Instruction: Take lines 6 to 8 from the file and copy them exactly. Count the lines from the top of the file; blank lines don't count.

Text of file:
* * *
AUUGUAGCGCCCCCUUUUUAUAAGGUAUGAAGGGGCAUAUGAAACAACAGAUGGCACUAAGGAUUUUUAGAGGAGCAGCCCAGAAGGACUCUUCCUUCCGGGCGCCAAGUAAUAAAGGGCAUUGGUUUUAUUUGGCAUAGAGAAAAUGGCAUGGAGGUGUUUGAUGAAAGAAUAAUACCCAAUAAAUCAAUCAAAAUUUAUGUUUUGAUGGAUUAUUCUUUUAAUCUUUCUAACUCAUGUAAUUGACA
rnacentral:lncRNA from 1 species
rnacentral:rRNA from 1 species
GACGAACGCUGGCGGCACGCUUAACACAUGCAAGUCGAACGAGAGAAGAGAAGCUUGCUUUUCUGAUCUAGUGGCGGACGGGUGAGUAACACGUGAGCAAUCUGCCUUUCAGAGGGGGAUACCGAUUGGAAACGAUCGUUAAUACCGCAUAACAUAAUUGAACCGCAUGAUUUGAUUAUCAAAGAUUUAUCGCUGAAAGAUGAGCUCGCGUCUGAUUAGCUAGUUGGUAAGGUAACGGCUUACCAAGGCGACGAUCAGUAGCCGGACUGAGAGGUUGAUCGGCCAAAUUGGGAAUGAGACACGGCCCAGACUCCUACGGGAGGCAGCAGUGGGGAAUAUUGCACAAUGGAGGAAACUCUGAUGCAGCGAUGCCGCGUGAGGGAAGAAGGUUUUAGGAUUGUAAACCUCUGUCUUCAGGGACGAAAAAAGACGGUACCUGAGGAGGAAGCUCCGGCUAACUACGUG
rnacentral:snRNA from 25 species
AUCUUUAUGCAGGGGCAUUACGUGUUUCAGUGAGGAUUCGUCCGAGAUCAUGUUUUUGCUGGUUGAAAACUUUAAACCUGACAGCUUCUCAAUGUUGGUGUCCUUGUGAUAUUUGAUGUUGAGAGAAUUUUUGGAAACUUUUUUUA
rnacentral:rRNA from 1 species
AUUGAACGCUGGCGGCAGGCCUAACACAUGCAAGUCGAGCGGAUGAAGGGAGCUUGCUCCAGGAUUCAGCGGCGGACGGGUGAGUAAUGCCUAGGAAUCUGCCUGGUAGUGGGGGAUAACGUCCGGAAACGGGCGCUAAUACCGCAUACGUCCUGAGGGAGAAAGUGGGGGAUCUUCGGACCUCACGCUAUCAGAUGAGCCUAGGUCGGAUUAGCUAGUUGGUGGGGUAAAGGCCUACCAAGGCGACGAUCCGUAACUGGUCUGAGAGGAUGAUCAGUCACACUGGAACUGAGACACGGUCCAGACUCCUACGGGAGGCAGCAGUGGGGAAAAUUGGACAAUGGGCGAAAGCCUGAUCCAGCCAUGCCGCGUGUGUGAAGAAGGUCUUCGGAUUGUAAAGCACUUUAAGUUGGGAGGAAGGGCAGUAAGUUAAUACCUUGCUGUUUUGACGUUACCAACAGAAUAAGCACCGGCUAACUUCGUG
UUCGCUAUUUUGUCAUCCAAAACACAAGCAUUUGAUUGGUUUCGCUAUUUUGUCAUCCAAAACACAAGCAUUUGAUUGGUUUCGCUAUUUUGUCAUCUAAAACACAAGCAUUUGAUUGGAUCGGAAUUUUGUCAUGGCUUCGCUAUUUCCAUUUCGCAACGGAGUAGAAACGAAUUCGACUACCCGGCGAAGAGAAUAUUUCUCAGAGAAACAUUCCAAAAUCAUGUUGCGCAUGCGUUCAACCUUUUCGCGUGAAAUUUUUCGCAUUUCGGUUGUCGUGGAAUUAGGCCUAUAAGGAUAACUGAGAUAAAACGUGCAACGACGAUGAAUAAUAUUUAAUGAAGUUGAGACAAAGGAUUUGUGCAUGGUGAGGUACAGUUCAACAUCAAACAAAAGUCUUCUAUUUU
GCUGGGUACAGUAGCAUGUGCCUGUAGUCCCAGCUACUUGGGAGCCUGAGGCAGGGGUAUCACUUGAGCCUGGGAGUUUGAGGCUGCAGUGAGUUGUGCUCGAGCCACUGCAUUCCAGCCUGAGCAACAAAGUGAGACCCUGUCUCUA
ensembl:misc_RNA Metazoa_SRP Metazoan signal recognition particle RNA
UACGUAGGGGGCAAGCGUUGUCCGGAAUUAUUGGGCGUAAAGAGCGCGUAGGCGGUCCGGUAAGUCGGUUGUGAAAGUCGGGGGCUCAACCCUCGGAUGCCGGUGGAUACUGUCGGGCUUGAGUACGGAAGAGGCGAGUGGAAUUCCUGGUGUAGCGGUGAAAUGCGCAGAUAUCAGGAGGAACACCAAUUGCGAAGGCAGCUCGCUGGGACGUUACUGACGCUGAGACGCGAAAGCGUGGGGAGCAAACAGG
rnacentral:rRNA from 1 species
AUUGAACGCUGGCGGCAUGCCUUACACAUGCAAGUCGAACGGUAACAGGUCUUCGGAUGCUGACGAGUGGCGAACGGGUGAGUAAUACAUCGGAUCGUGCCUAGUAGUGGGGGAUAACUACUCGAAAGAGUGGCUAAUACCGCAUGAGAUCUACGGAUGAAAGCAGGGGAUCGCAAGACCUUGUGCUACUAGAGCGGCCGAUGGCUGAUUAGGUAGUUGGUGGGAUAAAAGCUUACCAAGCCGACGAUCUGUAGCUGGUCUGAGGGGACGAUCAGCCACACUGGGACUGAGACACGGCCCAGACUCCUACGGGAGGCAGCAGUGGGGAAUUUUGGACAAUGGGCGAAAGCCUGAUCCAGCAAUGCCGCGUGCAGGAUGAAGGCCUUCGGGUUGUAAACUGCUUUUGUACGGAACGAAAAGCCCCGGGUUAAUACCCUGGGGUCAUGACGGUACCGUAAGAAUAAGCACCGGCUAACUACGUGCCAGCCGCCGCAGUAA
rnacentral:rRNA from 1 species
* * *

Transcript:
AUCUUUAUGCAGGGGCAUUACGUGUUUCAGUGAGGAUUCGUCCGAGAUCAUGUUUUUGCUGGUUGAAAACUUUAAACCUGACAGCUUCUCAAUGUUGGUGUCCUUGUGAUAUUUGAUGUUGAGAGAAUUUUUGGAAACUUUUUUUA
rnacentral:rRNA from 1 species
AUUGAACGCUGGCGGCAGGCCUAACACAUGCAAGUCGAGCGGAUGAAGGGAGCUUGCUCCAGGAUUCAGCGGCGGACGGGUGAGUAAUGCCUAGGAAUCUGCCUGGUAGUGGGGGAUAACGUCCGGAAACGGGCGCUAAUACCGCAUACGUCCUGAGGGAGAAAGUGGGGGAUCUUCGGACCUCACGCUAUCAGAUGAGCCUAGGUCGGAUUAGCUAGUUGGUGGGGUAAAGGCCUACCAAGGCGACGAUCCGUAACUGGUCUGAGAGGAUGAUCAGUCACACUGGAACUGAGACACGGUCCAGACUCCUACGGGAGGCAGCAGUGGGGAAAAUUGGACAAUGGGCGAAAGCCUGAUCCAGCCAUGCCGCGUGUGUGAAGAAGGUCUUCGGAUUGUAAAGCACUUUAAGUUGGGAGGAAGGGCAGUAAGUUAAUACCUUGCUGUUUUGACGUUACCAACAGAAUAAGCACCGGCUAACUUCGUG